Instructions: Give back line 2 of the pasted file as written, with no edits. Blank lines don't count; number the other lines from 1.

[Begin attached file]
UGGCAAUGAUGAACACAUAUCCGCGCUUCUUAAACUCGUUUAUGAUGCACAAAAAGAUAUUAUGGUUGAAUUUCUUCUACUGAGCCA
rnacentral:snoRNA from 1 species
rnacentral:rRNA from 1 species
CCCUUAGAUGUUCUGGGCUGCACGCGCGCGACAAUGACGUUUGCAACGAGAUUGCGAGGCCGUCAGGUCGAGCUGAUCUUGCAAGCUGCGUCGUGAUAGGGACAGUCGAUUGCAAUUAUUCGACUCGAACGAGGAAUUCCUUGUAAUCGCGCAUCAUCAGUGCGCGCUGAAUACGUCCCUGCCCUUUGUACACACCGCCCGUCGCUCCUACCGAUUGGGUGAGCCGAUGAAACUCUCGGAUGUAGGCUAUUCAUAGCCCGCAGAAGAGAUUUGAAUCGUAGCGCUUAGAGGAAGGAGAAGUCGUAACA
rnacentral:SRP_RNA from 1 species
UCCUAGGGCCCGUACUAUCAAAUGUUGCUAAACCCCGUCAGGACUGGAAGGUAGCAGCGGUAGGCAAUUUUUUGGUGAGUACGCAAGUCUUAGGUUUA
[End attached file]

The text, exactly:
rnacentral:snoRNA from 1 species